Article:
Also it's easier to balance classes. If the player has to pick from groups of abilities, you can stick him with the less useful skills that nobody would pick otherwise.

I'm actually with you concerning complexity and uniqueness, it's just that I get the idea that hardcore RPG players (which I am not) don't want their stats hidden, or too complicated to figure out. They want to be able to do the bookkeeping themselves if they want, in order to optimize their characters.

Patrick Dugan said...

Textual Harassment makes some good points, but they apply more to lineated stat hauls like World Of Warcraft than to better designer but less popular MMO's that focus more on emergent social dynamics. To illustrate, imagine an MMO with a skill system similar to Fallout, where diversity and gradients are the name of the game. In such a situation a player would be encouraged to think of their character not as a class and a number, but as a character, as a virtual someone who gets by according to an idiosyncratic style. Thats where the genre needs to go, IMO.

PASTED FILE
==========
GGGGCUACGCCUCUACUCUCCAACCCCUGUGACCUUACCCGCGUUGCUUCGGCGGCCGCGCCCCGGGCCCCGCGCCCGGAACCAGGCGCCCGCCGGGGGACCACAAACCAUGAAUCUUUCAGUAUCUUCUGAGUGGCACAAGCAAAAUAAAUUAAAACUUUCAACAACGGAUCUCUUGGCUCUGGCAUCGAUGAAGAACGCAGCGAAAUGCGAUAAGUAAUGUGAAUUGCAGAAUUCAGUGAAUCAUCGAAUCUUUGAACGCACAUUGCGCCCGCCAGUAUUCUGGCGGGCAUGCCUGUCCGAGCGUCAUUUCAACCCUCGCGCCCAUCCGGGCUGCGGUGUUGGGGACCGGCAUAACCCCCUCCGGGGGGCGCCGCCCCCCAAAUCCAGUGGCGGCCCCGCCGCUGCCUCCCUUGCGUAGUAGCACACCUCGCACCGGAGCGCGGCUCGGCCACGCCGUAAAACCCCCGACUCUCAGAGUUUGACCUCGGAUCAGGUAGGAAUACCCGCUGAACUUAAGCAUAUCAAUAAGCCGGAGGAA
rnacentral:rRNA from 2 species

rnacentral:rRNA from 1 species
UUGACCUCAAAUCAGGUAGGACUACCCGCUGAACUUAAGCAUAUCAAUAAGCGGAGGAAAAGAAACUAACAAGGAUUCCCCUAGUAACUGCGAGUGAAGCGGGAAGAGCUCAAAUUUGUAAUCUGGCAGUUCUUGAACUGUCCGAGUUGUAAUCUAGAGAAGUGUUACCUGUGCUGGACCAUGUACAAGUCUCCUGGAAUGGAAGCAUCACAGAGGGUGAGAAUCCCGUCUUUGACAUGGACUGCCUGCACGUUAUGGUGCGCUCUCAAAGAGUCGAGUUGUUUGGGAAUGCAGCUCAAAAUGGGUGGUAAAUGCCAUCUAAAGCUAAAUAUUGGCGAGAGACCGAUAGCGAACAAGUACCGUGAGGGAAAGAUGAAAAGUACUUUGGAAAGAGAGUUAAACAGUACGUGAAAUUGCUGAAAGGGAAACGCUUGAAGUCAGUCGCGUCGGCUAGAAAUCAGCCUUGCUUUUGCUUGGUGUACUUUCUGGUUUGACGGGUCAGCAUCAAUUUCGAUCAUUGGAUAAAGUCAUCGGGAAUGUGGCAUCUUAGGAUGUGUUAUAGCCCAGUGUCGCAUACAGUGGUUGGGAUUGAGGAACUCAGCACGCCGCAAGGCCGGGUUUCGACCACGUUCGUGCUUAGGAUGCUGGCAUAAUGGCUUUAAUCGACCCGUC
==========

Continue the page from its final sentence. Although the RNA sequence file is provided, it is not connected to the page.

Craig Perko said...

Textual: I'm in full agreement. For quantification, it's important. But I think quantification is not necessary on a game-design level: people will quantify and label on their own time, without your help.

Similarly, you're right: it's easier to game balance. But these days, we have algorithms which aid our balancing that people never thought possible a decade ago. It's "easier" to say Pi = 3, but you're always going to get an insufficient answer.

I think it's possible to let people see the bookkeeping if they want to, without being forced to do the bookkeeping. If the stats are complex, then you can use more complex methods of displaying them - perhaps derived from your balancing routines.

I just don't see a need for classes in an innovative game. They're not evil, but they're a limitation we don't need!

Darius Kazemi said...

Unless you have the IP for a PnP game and are building an MMO off of it... and you HAVE to...

Craig Perko said...

You're completely right, of course. But I don't think I would ever count such a game as "innovative". :)